Santa Cruz

Santa Cruz Closes Beach Access After Great White Shark Attack

A great white shark attack in Santa Cruz has triggered a four-day beach ban by city officials.

The decision comes after a shark on Tuesday chomped on a man's kayak near a popular surfing spot next to West Cliff in Santa Cruz. The kayaker managed to escape without injury.

Steve Lawson was paddling about a quarter mile away from Steamer Lane when the shark lurched toward his kayak and bit the front end, knocking him into the water, as reported by NBC affiliate KSBW.

"I felt like I hit a rock," Lawson said. "I saw a shark biting the front of my boat. When he let go, it rocked the kayak and I fell out."

For the next 10 minutes or so, Lawson floated in the water wondering if the 12-foot long shark would double back.

"I was frightened," he recalled. "I was trying to climb on top of the kayak, but I was not able to do that."

Fortunately for Lawson, people in the area and a U.S. Coast Guard crew plucked him from the ocean and towed in the kayak, which now features brand new bite marks.

Despite the attack, Lawson vows to return to the water. Only this time, he plans to stay a little closer to shore.

NBC Bay Area
A great white shark attacked a kayaker near a popular surfing spot in Santa Cruz, but the man managed to escape without injury. (July 11, 2017)

News of the attack prompted scores of surfers enjoying the waves near Steamer Lane to hop out of the water.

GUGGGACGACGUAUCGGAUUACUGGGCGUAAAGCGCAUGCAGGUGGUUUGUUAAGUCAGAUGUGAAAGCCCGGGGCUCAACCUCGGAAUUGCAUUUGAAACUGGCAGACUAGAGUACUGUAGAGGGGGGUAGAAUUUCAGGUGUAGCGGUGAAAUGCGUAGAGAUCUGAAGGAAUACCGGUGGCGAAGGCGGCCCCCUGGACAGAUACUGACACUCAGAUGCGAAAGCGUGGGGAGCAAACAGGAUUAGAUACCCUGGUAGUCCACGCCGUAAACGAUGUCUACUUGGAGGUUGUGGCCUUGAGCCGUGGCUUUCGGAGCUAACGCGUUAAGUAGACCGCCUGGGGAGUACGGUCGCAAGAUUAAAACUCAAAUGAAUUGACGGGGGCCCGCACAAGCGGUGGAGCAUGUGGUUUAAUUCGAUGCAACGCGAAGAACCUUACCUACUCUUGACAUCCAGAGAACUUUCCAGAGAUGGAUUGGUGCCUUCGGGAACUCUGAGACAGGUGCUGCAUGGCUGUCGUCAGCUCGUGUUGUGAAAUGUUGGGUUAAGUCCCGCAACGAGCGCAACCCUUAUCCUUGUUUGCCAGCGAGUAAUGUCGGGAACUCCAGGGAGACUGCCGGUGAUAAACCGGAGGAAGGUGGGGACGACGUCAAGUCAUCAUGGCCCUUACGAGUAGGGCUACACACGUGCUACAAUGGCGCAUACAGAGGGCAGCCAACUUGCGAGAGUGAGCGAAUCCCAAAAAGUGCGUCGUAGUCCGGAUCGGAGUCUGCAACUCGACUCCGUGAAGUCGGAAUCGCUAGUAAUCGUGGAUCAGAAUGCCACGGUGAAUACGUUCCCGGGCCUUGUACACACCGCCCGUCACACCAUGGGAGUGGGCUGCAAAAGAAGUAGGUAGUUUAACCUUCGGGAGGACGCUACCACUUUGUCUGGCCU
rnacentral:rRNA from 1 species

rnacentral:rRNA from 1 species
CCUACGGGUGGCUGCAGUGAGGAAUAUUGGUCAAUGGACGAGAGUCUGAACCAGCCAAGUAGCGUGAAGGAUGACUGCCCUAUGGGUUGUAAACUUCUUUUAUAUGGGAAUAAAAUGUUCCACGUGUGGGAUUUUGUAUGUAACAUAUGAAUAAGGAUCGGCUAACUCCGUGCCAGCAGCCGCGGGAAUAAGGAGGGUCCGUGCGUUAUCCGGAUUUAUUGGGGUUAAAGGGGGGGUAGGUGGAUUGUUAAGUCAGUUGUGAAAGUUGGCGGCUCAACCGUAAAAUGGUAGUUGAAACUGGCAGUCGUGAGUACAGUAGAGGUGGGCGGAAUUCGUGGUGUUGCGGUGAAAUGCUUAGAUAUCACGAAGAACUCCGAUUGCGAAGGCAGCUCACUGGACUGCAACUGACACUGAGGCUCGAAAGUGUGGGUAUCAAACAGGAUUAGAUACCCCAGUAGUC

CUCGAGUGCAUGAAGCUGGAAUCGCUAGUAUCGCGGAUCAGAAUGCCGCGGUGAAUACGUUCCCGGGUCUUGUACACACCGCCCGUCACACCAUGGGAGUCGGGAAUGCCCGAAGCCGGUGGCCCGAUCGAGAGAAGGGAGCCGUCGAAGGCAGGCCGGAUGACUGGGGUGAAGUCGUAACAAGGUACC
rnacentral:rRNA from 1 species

The Santa Cruz Fire Department received a call about the attack at 11:01 a.m.

In accordance with the Santa Cruz County Shark Incident Action Plan, the city will close access to Main Beach, Cowell Beach and other beach access points within a one mile radius of the attack for four days. All water activities at the beach will be prohibited until sunrise July 15 morning.

In the meantime, Marine Safety staff and lifeguards will monitor the area. The city has notified partner agencies in the area and Santa Cruz Junior Guard activities will be modified for the week.

"Attacks like these are extremely rare in Santa Cruz County, and we are so thankful that the kayaker was uninjured," said Santa Cruz Fire Chief Jim Frawley. “This is a reminder that swimming in the ocean does carry some risk and we encourage all swimmers, surfers, and kayakers to be mindful of their surroundings and follow directions of lifeguards and Marine Safety staff.”

This is not the only shark sighting in Santa Cruz in recent weeks. A few surfers at Sunday’s memorial paddle out for legendary surfer and wetsuit pioneer Jack O'Neill said they spotted a 15-foot shark breaching the surface of the water.

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